If you didn’t already know, I frequently sew for Hoffman Fabrics: they send me pix of their new stuff; I choose a couple of colorways and offer pattern choices; we shake hands on an idea; they send fabric; and I start sewing.*
New collections are ready to debut, so they reached out for a quilt. This time, we chose one of my newest patterns, Square Pegs:
While the cover quilt leans more “modern” with its clean colors, I’ve been interested in seeing it rendered in batik. There’s been much discussion of late in as to whether batiks can play well in the modern quilt arena (I contributed to an article in the latest Gen Q mag about it). My answer to the question is YES, of course batiks can be “modern.” I think how you categorize a quilt is as just as much a function of the pattern design as it is the fabric choice, and as long as you play by good fabric choice rules (mind your values… watch out for too much medium tone mush), batiks are a fabulous choice.
Batiks are also a fit for our current hand-made vibe – they are still hand printed, even at the volumes the quilt world consumes. And if you need more eco-assurance, Hoffman has some lovely environmentally careful practices around the water used to make their pretty fabrics.
Anyway, back to that quilt. Like last time, I posted Instagram pix (@huntersds) in real time, and shot them out to the HDS FB page (please go like it! thank you!), answering questions along the way. And feel free to ask more questions over there or in the comments below.
So – fabric choices! The pattern needs 12 quarters (fat or long, or a mixture) and a chunk of background. As you know, I usually lean ORANGE, but this time I was intrigued by the elegance of these cooler colors:
They are much prettier than they look in the long shots on Instagram! The background is not pure white, it’s a subtle, very light, mottled blue-gray – it’s part of the Watercolor series (Snow 1895-307) which are the solid-reading batiks. The light gray at top right became the binding. And look at the bold graphic designs in the prints!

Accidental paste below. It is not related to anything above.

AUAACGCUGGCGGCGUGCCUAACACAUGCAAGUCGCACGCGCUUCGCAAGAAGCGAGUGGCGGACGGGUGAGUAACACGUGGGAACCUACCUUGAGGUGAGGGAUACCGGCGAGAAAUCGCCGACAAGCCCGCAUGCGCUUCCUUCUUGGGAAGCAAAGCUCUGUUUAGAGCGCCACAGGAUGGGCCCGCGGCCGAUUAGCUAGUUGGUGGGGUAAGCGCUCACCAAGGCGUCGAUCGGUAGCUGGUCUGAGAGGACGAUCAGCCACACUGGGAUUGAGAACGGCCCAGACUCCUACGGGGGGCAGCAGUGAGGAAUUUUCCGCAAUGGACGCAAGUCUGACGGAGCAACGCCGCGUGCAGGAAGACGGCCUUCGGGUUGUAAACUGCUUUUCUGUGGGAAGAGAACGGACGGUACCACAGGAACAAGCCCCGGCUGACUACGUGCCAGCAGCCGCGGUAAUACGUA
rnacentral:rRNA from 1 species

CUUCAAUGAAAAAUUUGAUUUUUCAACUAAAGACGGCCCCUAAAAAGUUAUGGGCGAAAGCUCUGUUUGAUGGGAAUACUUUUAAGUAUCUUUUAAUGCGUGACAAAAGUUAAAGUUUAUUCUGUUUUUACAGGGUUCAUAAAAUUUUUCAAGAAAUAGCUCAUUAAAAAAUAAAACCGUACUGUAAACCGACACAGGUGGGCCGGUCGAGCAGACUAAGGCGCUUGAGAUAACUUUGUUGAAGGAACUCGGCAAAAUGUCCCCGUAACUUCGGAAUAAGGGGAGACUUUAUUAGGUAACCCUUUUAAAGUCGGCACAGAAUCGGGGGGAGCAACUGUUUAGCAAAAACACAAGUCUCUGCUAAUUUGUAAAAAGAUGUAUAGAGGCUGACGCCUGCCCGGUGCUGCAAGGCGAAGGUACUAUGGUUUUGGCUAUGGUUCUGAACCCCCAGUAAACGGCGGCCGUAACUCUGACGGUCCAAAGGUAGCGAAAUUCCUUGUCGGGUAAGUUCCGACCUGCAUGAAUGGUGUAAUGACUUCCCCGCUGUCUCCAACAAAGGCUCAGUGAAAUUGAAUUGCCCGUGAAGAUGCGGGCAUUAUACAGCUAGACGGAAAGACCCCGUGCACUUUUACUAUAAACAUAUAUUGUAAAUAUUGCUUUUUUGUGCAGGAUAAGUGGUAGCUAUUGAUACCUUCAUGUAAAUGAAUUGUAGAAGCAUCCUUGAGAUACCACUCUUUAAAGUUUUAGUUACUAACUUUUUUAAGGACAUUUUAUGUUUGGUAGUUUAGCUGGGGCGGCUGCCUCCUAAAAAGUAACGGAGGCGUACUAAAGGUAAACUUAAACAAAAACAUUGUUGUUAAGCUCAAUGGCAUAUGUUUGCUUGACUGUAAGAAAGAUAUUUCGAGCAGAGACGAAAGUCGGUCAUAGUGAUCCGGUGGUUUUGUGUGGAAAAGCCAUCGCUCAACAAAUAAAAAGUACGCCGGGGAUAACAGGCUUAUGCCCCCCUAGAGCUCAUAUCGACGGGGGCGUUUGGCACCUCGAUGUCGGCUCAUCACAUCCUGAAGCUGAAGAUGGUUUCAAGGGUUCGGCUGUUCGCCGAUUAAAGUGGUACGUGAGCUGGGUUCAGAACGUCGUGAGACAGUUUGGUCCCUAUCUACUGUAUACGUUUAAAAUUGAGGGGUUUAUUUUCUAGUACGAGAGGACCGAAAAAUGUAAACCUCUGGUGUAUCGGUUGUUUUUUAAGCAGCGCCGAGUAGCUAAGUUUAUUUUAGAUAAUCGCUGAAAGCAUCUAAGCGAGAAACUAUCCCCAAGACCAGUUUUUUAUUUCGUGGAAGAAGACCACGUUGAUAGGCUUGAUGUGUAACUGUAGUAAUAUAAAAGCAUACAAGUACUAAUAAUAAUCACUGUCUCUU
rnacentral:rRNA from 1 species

For the curious, it took approximately 22 hours over the course of 3 days. Yes, I’m pretty speedy (#sewingatthespeedofsam was coined by my friend, Z-Girl) BUT – truly, this is a speedy quilt to make. It’s all straight seams and easy construction, with lots of negative space for you to quilt-doodle through. Yes, I sew fast, but the pattern choice didn’t hurt!
For an even faster finish, you could skip the pieced border if you like, or sew these parts together as “leaders and enders” as suggested by one of my Stunt Peeps** if you sew that way. I also copied the quilting I had done on the earlier one, which meant I didn’t spend design time testing different quilting ideas. It’s easy straight lines following the lines of the blocks, and simple stippling in alternating spaces for extra texture.
On the first day I made the blocks and the border; on the second I set it into a quilt top, made the back (ran errands, had the car break down, got towed), and basted it; and on the third, I quilted and bound it (catching up on Mad Men) – and in a rare moment of having it all together, got the sleeve and label into the binding process rather than putting them on, cussing, as an afterthought! If making it for a client, I would bid 28 hours of time to allow for more unique designing if needed, and possibly surprise them with a discount if I beat my time.
And so to giving away fabric! I have 2 bundles…
Bundle 1: A Square Pegs pattern plus 14 almost Fat Quarters – I cut a couple of the fabrics wrong, so they’re a tad short (wasn’t wearing my glasses… sigh) so you get the 12 you need for the pattern and a couple extra because I’m a goof (and the pattern doesn’t use the entire FQ so you’ll have plenty if you want to use them for this).
Bundle 2: A Square Pegs pattern plus all my big scraps – most of which are 1/4 yard or more. You’ll have enough to do the non-background parts of the top, but might need to be creative with how you cut. And I might put in some ORANGE just because.
Comment below to win – and tell me what you think of batiks as potential modern fabrics. And yes, you’re welcome to disagree with me – I love the discussion! I’ll choose winners on Friday. And yes, this is open to international folks too.
BTW – Did you join my mailing list yet? Do it here. I’m dreaming up groovy exclusive stuff for you!
* I disclose my arrangement with Hoffman Fabrics out of a desire to be transparent in the name of my commitment to the We Are $ew Worth It movement. That said, I love working with Hoffman, and like and respect their people – and wouldn’t play with them if I didn’t! I only do what works for me with people I like
**Square Pegs was test driven by Stunt Sewist Peeps Karyn, Jennifer, Karen and Julie!